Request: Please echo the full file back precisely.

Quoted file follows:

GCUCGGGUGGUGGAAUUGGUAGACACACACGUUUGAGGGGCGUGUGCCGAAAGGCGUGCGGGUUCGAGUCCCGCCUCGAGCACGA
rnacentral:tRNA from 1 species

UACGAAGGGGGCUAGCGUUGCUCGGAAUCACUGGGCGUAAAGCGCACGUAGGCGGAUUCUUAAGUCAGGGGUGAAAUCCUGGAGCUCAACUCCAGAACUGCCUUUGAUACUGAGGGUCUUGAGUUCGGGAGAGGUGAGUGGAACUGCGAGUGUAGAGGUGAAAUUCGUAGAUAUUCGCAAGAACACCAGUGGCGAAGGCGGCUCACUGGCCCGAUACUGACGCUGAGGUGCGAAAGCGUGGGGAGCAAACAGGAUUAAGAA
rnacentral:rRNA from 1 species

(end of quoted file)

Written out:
GCUCGGGUGGUGGAAUUGGUAGACACACACGUUUGAGGGGCGUGUGCCGAAAGGCGUGCGGGUUCGAGUCCCGCCUCGAGCACGA
rnacentral:tRNA from 1 species

UACGAAGGGGGCUAGCGUUGCUCGGAAUCACUGGGCGUAAAGCGCACGUAGGCGGAUUCUUAAGUCAGGGGUGAAAUCCUGGAGCUCAACUCCAGAACUGCCUUUGAUACUGAGGGUCUUGAGUUCGGGAGAGGUGAGUGGAACUGCGAGUGUAGAGGUGAAAUUCGUAGAUAUUCGCAAGAACACCAGUGGCGAAGGCGGCUCACUGGCCCGAUACUGACGCUGAGGUGCGAAAGCGUGGGGAGCAAACAGGAUUAAGAA
rnacentral:rRNA from 1 species